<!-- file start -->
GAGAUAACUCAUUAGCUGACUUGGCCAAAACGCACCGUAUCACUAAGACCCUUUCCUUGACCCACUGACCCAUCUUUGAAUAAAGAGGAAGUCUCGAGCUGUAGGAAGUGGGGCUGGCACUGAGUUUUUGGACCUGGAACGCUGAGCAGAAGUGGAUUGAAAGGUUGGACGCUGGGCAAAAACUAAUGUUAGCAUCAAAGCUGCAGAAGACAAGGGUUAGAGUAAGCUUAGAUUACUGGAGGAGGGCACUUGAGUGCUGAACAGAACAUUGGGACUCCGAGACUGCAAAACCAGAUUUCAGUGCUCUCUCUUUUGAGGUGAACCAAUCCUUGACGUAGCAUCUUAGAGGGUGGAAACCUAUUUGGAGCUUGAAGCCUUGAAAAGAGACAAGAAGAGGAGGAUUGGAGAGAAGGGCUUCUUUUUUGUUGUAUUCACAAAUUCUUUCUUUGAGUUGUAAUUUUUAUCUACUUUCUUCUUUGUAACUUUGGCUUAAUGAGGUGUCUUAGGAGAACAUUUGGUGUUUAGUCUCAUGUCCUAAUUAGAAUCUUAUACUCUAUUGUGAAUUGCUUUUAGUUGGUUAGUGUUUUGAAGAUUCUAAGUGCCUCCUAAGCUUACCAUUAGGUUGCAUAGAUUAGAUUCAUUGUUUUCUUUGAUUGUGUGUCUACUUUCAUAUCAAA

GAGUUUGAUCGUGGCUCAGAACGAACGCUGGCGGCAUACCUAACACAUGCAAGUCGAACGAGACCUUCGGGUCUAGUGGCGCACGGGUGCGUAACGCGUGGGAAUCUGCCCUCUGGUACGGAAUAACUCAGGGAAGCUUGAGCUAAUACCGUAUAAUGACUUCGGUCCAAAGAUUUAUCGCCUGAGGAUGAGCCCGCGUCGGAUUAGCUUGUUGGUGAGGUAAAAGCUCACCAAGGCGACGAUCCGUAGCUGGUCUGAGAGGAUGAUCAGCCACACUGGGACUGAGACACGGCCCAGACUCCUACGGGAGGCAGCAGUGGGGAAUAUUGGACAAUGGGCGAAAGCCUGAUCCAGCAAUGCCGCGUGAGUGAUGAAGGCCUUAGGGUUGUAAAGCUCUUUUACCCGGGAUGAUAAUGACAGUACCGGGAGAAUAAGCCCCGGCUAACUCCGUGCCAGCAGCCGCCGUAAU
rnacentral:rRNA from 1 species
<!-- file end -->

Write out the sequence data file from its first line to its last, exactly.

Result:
GAGAUAACUCAUUAGCUGACUUGGCCAAAACGCACCGUAUCACUAAGACCCUUUCCUUGACCCACUGACCCAUCUUUGAAUAAAGAGGAAGUCUCGAGCUGUAGGAAGUGGGGCUGGCACUGAGUUUUUGGACCUGGAACGCUGAGCAGAAGUGGAUUGAAAGGUUGGACGCUGGGCAAAAACUAAUGUUAGCAUCAAAGCUGCAGAAGACAAGGGUUAGAGUAAGCUUAGAUUACUGGAGGAGGGCACUUGAGUGCUGAACAGAACAUUGGGACUCCGAGACUGCAAAACCAGAUUUCAGUGCUCUCUCUUUUGAGGUGAACCAAUCCUUGACGUAGCAUCUUAGAGGGUGGAAACCUAUUUGGAGCUUGAAGCCUUGAAAAGAGACAAGAAGAGGAGGAUUGGAGAGAAGGGCUUCUUUUUUGUUGUAUUCACAAAUUCUUUCUUUGAGUUGUAAUUUUUAUCUACUUUCUUCUUUGUAACUUUGGCUUAAUGAGGUGUCUUAGGAGAACAUUUGGUGUUUAGUCUCAUGUCCUAAUUAGAAUCUUAUACUCUAUUGUGAAUUGCUUUUAGUUGGUUAGUGUUUUGAAGAUUCUAAGUGCCUCCUAAGCUUACCAUUAGGUUGCAUAGAUUAGAUUCAUUGUUUUCUUUGAUUGUGUGUCUACUUUCAUAUCAAA

GAGUUUGAUCGUGGCUCAGAACGAACGCUGGCGGCAUACCUAACACAUGCAAGUCGAACGAGACCUUCGGGUCUAGUGGCGCACGGGUGCGUAACGCGUGGGAAUCUGCCCUCUGGUACGGAAUAACUCAGGGAAGCUUGAGCUAAUACCGUAUAAUGACUUCGGUCCAAAGAUUUAUCGCCUGAGGAUGAGCCCGCGUCGGAUUAGCUUGUUGGUGAGGUAAAAGCUCACCAAGGCGACGAUCCGUAGCUGGUCUGAGAGGAUGAUCAGCCACACUGGGACUGAGACACGGCCCAGACUCCUACGGGAGGCAGCAGUGGGGAAUAUUGGACAAUGGGCGAAAGCCUGAUCCAGCAAUGCCGCGUGAGUGAUGAAGGCCUUAGGGUUGUAAAGCUCUUUUACCCGGGAUGAUAAUGACAGUACCGGGAGAAUAAGCCCCGGCUAACUCCGUGCCAGCAGCCGCCGUAAU
rnacentral:rRNA from 1 species